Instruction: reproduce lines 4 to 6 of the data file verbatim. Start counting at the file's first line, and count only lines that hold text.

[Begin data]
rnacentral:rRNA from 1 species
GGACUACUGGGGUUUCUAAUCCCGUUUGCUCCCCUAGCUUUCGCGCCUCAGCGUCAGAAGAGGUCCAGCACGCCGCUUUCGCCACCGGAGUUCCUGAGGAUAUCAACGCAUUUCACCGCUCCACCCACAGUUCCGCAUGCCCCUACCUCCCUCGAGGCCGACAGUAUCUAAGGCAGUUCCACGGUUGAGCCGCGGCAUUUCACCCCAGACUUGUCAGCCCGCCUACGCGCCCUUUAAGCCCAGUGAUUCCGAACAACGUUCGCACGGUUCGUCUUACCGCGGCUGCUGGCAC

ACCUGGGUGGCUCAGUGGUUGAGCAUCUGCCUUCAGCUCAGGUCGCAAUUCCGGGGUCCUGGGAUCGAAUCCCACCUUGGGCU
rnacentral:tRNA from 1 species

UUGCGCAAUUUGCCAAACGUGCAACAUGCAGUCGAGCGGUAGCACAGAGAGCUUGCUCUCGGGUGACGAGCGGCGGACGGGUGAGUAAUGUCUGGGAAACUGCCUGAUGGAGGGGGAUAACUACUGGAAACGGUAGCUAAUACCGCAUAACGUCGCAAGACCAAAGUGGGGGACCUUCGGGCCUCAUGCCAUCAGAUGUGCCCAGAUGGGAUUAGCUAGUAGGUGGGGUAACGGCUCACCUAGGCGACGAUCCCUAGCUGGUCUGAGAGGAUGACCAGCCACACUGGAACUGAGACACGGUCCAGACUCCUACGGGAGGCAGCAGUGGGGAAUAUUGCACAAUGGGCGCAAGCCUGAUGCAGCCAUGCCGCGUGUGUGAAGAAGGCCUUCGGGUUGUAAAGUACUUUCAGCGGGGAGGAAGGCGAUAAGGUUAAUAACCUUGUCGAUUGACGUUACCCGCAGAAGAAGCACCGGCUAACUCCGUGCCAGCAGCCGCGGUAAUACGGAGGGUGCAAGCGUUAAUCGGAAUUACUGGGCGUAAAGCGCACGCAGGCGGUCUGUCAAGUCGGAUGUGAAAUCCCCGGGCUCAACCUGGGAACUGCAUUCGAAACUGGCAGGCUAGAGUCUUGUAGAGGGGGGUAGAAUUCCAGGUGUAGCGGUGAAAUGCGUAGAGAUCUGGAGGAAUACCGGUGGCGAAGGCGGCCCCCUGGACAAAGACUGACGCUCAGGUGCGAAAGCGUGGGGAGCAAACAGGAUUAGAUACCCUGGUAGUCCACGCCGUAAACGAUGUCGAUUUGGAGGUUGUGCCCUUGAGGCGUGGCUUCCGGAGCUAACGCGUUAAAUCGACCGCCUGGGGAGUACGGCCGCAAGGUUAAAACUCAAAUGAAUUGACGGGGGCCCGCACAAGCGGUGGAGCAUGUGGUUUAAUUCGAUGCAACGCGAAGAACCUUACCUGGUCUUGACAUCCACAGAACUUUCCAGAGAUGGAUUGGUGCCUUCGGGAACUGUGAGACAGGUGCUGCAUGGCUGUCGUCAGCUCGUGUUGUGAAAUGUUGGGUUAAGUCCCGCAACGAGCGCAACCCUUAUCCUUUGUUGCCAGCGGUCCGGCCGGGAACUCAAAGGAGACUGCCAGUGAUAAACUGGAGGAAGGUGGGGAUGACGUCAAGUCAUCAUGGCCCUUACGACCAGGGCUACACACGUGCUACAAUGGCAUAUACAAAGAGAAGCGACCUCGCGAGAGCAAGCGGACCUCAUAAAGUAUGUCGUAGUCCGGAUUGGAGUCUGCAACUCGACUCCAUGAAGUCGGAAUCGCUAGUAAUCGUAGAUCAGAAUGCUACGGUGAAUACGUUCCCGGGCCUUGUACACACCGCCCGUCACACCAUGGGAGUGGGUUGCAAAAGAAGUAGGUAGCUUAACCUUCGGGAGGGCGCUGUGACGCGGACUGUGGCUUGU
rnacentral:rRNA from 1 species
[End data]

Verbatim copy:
rnacentral:tRNA from 1 species

UUGCGCAAUUUGCCAAACGUGCAACAUGCAGUCGAGCGGUAGCACAGAGAGCUUGCUCUCGGGUGACGAGCGGCGGACGGGUGAGUAAUGUCUGGGAAACUGCCUGAUGGAGGGGGAUAACUACUGGAAACGGUAGCUAAUACCGCAUAACGUCGCAAGACCAAAGUGGGGGACCUUCGGGCCUCAUGCCAUCAGAUGUGCCCAGAUGGGAUUAGCUAGUAGGUGGGGUAACGGCUCACCUAGGCGACGAUCCCUAGCUGGUCUGAGAGGAUGACCAGCCACACUGGAACUGAGACACGGUCCAGACUCCUACGGGAGGCAGCAGUGGGGAAUAUUGCACAAUGGGCGCAAGCCUGAUGCAGCCAUGCCGCGUGUGUGAAGAAGGCCUUCGGGUUGUAAAGUACUUUCAGCGGGGAGGAAGGCGAUAAGGUUAAUAACCUUGUCGAUUGACGUUACCCGCAGAAGAAGCACCGGCUAACUCCGUGCCAGCAGCCGCGGUAAUACGGAGGGUGCAAGCGUUAAUCGGAAUUACUGGGCGUAAAGCGCACGCAGGCGGUCUGUCAAGUCGGAUGUGAAAUCCCCGGGCUCAACCUGGGAACUGCAUUCGAAACUGGCAGGCUAGAGUCUUGUAGAGGGGGGUAGAAUUCCAGGUGUAGCGGUGAAAUGCGUAGAGAUCUGGAGGAAUACCGGUGGCGAAGGCGGCCCCCUGGACAAAGACUGACGCUCAGGUGCGAAAGCGUGGGGAGCAAACAGGAUUAGAUACCCUGGUAGUCCACGCCGUAAACGAUGUCGAUUUGGAGGUUGUGCCCUUGAGGCGUGGCUUCCGGAGCUAACGCGUUAAAUCGACCGCCUGGGGAGUACGGCCGCAAGGUUAAAACUCAAAUGAAUUGACGGGGGCCCGCACAAGCGGUGGAGCAUGUGGUUUAAUUCGAUGCAACGCGAAGAACCUUACCUGGUCUUGACAUCCACAGAACUUUCCAGAGAUGGAUUGGUGCCUUCGGGAACUGUGAGACAGGUGCUGCAUGGCUGUCGUCAGCUCGUGUUGUGAAAUGUUGGGUUAAGUCCCGCAACGAGCGCAACCCUUAUCCUUUGUUGCCAGCGGUCCGGCCGGGAACUCAAAGGAGACUGCCAGUGAUAAACUGGAGGAAGGUGGGGAUGACGUCAAGUCAUCAUGGCCCUUACGACCAGGGCUACACACGUGCUACAAUGGCAUAUACAAAGAGAAGCGACCUCGCGAGAGCAAGCGGACCUCAUAAAGUAUGUCGUAGUCCGGAUUGGAGUCUGCAACUCGACUCCAUGAAGUCGGAAUCGCUAGUAAUCGUAGAUCAGAAUGCUACGGUGAAUACGUUCCCGGGCCUUGUACACACCGCCCGUCACACCAUGGGAGUGGGUUGCAAAAGAAGUAGGUAGCUUAACCUUCGGGAGGGCGCUGUGACGCGGACUGUGGCUUGU
rnacentral:rRNA from 1 species